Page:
Upgrading Documents in a Slower Economy – It just makes good sense.

PlantStacks

With many industrial projects either complete or temporarily paused, my local landscape of technical writing opportunities is looking a bit parched. Several of the local potash mines have completed expansion projects in recent years, at the same time as a couple of greenfield mines have started construction. One of these is nearing completion and the other seems to be in a slow mode. With potash prices weaker than a few years ago, the industry appears to be heading for retrenchment.

Other industries appear to be exhibiting similar trends. SaskPower’s carbon capture project is essentially complete. Recent news indicates they still have some work to on increasing its efficiency, but so far as I can tell, their technical writing needs are covered, for now. Local upgrades to power generation facilities also appear to be winding down. Oil and gas is “in the tank”, so to speak, and oil companies are pulling back significantly. Based on my research not a lot is happening in other industries either.

That doesn’t mean nobody needs technical writing services. Based on the work I’ve done for many different clients over the years, all process industries should have an ongoing strategy for document maintenance and updating. And there are good reasons to continue that through the slow times as well as when business is booming.

Nothing remains constant in the operation of process plants. Whether slow or busy, operations and maintenance personnel are always finding new, better and safer ways to operate their plants. Equipment maintenance is even more important when capital expenditures have been curtailed, and this often reveals gaps and inadequacies in procedures and training materials. During slow times hiring staff to write and edit these documents may be difficult to justify, but contracting out for these services is more affordable.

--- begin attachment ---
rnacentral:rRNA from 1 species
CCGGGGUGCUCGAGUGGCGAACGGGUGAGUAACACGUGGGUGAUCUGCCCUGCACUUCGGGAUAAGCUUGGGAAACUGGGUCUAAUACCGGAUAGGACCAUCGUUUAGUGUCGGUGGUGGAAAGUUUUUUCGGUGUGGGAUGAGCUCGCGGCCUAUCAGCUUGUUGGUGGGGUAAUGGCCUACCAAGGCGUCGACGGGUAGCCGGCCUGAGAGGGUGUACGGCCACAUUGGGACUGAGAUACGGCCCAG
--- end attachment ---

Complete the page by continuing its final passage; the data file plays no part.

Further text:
When things are slow it is also tempting to lay people off. But when things get busy again it may not be as easy to replace them. Focusing operations personnel on updating procedures and training materials is a productive way to keep them busy and ensure future efficiency. A competent technical writer/editor contracted to work with your personnel will focus those efforts and ensure quality and consistency.

In the current conditions it may seem counter-intuitive to spend money on maintaining resources such as procedures, training materials and other documentation. But anyone who has managed through slow periods knows differently. Good managers make the tough decisions that pay off over the long term. Maintaining documentation is a perfect example of that.

Give me a call. I’m here to help.

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